Skip to main content

The Rebel Postmaster

James D. Spence was born 28 February 1833, a son of McAlvin and Elizabeth Spence. His tombstone states James was born in Gwinett County, Georgia, but I question that. Simply because McAlvin Spence was so prominent in Harris County around the time of James' birth.

As alluded to, James is listed with his father, McAlvin's second wife Martha, and six siblings in the Harris County, Georgia Federal census for 1850. A few years later on 24 July 1853, James married Francis Louisa Patrick in Gwinnett County, GA. It appears James spends the rest of his life there. In 1860, Jas D., Francis, and their son John are in Lawrenceville where James is occupied as Postmaster.

James did not serve in a soldier capacity during the Civil War, but was deemed a Rebel Postmaster by the U.S. Government and had to apply for a Presidential Pardon about 1865. A couple of reasons as to why James felt he deserved a pardon are transcribed from his application here:
"1st Because he did not actively participate in said rebellion, or at any time, take up arms against the Government of the United States during the same, but that he did on the contrary use every [available?] means to evalle such service, and did to prevent being taken into the Confederate army as a conscript employ a substitute to take his place therein.

2nd Because he did not seek or accept said office for the purpose of giving any aid whatever to said rebellion, but that he held said office from about the year 1855, up to the time when said state seceded and that he did not afterwards seek to continue therein but was requested so to do, by the Confederate authorities, and that he consented to remain therein, for the various reasons, that he being a poor man with a family to support could thereby retain his former employment, that to do so would be an accommodation to the people __?__ in the office, and that he could thereby more easily evade military service in the Confederate armies."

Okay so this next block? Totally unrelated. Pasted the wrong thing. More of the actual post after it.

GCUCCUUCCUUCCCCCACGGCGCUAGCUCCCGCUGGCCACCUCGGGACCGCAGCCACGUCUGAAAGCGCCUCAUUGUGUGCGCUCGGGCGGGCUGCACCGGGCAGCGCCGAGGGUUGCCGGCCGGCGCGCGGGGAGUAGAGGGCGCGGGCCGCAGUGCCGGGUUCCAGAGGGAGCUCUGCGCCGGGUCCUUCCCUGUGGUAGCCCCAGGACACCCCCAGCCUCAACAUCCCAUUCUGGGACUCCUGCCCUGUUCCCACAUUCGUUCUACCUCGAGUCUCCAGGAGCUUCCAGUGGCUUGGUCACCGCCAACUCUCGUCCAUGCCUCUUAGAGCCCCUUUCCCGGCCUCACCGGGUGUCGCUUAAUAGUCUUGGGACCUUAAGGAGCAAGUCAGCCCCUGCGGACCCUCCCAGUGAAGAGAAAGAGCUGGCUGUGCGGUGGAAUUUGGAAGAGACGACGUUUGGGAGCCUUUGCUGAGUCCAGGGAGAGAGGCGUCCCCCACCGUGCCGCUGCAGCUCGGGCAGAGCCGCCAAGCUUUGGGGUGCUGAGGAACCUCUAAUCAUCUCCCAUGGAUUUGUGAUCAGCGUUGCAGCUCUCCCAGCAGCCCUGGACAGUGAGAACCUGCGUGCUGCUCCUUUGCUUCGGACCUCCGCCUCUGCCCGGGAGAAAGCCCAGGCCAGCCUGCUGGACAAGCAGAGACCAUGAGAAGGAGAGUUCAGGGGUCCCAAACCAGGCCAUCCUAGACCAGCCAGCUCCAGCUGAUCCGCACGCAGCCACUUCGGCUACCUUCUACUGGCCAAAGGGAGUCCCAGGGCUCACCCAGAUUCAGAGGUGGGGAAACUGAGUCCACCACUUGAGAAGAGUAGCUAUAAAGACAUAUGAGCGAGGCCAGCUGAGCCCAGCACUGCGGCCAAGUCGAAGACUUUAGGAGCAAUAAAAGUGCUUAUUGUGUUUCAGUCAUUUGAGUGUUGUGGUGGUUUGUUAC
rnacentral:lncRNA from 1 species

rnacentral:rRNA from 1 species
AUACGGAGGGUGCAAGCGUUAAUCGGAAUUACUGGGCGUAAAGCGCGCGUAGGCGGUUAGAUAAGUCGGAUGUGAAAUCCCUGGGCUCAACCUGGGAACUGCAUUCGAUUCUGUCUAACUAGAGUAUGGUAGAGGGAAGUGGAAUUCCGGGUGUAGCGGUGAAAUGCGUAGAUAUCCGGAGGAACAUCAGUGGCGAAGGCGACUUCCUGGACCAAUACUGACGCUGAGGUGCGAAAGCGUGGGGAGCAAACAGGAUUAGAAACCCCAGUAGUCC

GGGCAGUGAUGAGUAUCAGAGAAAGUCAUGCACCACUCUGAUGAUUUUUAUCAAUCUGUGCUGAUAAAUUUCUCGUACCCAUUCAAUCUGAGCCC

Amnesty Oath attached to James' application for Presidential Pardon.
I wish I knew more about James' feelings on the politics of the Civil War. A biographical sketch of his father in Memoirs of Georgia, states that McAlvin, as well as James' grandfather and great-grandfather fought for their country when duty called, dating back to the Revolutionary War. Before the Civil War, McAlvin was a plantation owner and slaveholder in Harris County, GA. Did James fundamentally oppose slavery and/or secession? Or did he simply not want to battle for the opposite?

In 1880, James and his wife are still living in Lawrenceville. This time, James is occupied as a merchant. A few years later the son of James and Frances, John Howell, died at the young age of 24 years. Frances followed her son almost eight years later on 13 June 1891. About five months after that, on 10 November, James was married a second time in Gwinnett County to Alice Cates.

James D. Spence died 22 May 1898. He, wife Frances Louisa, and son John Howell were all laid to rest in Lawrenceville Historic Cemetery of Gwinnett County, Georgia.

Search Military Records - Fold3

Comments

Laurie said…
This is so interesting. Great photo of the headstone.
Dear Southern Graves,
I was fascinated by your FlipCard view.
It is great! Thanks for tipping me off to a new application!
Southern Graves,
I discussed your Flipcard feature at my blog:

http://graveyardrabbitofsanduskybay.blogspot.com/2011/07/flipcard-view-of-your-blog.html
S. Lincecum said…
Thanks, Laurie! -- I think the Flipcard view is pretty neat, Dorene. I don't want my blog's homepage to be in that design, but it's a pretty cool alternative look.
How did you get the Flipcard message in your sidebar? I am a hopeless amateur at blogging!
S. Lincecum said…
Thanks for the mention, Dorene! It's easy to get it in your sidebar or wherever you want it using your template. Just add a "picture" Blogger element using the jpg image you created of your blog in the flipcard view. You should be able to add a caption and link when setting it up.